THIBODAUX, La. — A common Gulf Coast vegetation may be shifting ecosystems because of climate change, according to a recently published study by a Nicholls State University professor.
Dr. Giovanna McClenachan, assistant professor of biological sciences, co-authored the research published in Global Change Biology along with Dr. Linda Walters and Megan Witt of the University of Central Florida.
Using satellite images and aerial photographs, the scientists monitored oyster reefs in Mosquito Lagoon, Florida, over the course of 74 years. They found a significant increase in mangroves on live, intertidal oyster reefs during that time period. Mangroves are small trees that grow in coastal salt or brackish – a mix of salt and freshwater – waters.
Dr. McClenachan said this increase in mangroves happened over the course of the last 30 years and coincided with a lack of extreme freeze events brought on by climate change. An extreme freeze event varies by location but is often defined as below-freezing temperatures lasting for multiple days at levels that only occur about every decade. Most mangrove varieties cannot survive temperatures below 20-24 degrees.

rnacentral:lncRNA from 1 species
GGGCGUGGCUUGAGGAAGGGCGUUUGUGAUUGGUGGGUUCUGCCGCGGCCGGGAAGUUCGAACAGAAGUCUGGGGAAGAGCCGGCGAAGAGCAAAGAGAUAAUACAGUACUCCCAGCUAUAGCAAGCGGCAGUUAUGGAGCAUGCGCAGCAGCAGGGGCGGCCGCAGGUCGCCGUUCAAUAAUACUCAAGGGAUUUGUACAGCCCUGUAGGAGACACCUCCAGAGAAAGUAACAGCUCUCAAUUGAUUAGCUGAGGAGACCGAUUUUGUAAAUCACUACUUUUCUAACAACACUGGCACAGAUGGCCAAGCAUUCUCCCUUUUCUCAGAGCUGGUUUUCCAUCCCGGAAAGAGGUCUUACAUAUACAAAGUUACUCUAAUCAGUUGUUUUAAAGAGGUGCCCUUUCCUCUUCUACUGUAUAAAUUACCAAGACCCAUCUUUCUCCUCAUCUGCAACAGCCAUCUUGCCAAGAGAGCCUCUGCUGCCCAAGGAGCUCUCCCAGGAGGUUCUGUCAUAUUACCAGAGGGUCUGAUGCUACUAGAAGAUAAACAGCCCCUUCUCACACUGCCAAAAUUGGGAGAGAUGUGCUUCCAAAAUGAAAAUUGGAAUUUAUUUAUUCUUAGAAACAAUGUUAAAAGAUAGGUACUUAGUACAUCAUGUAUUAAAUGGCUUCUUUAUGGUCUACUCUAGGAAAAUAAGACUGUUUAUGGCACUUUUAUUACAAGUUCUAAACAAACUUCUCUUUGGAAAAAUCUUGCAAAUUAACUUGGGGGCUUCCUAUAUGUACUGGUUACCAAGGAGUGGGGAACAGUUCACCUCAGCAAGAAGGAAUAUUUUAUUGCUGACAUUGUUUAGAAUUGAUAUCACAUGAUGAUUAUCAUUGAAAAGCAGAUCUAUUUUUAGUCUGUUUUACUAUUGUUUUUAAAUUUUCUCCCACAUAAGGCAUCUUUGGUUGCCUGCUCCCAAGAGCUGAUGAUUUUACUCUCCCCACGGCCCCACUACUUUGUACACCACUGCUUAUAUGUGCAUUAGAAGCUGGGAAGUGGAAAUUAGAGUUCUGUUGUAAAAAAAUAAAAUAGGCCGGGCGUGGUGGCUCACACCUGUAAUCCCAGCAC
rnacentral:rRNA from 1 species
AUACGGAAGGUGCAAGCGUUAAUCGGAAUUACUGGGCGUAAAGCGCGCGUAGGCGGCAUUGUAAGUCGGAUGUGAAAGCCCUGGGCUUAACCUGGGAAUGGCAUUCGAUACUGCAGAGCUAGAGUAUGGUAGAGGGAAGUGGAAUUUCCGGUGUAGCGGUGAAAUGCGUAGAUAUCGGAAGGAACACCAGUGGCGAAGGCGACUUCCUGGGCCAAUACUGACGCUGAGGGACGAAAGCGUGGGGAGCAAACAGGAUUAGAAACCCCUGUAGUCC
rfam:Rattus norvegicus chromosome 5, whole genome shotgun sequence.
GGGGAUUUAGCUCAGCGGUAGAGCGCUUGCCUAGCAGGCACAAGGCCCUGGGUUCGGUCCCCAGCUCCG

“If a lack of extreme freezes continues, we might see an ecosystem shift from oyster reef to mangroves. As a result, that could lead to a shift in the type of fish and invertebrates that each ecosystem harbors,” Dr. McClenachan said. “This could have various unintended consequences for commercial and recreational fishing, as well as storm surge protection.”
Though the research took place in Florida, it may apply to the black mangrove population in coastal Louisiana, said Dr. McClenachan, who previously served as the science director of the Coalition to Restore Coastal Louisiana.
“While few natural oyster reefs exist in Louisiana and those that do are subtidal, this research could potentially open our eyes to other climate-driven shifts that are right under our nose but we are overlooking,” she said.
Dr. McClenachan plans to advance her research with colleagues at Central Florida and Florida State University this spring. The next step is identifying the driving factors behind the shift in ecosystems and what that means for the coast.
“This is the first time any research documenting an expansion of mangroves on oyster reefs in modern times has ever been published,” Dr. McClenachan said. “Now we can dive into what the shift from mangrove to oyster might mean. This could impact coastal ecosystems’ associated flora and fauna, storm surge capabilities, water filtration, carbon dynamics and other ecosystem services.”
For more information on the Department of Biological Sciences, visit https://www.nicholls.edu/biology.
FOR IMMEDIATE RELEASE: Tuesday, Feb. 2, 2021
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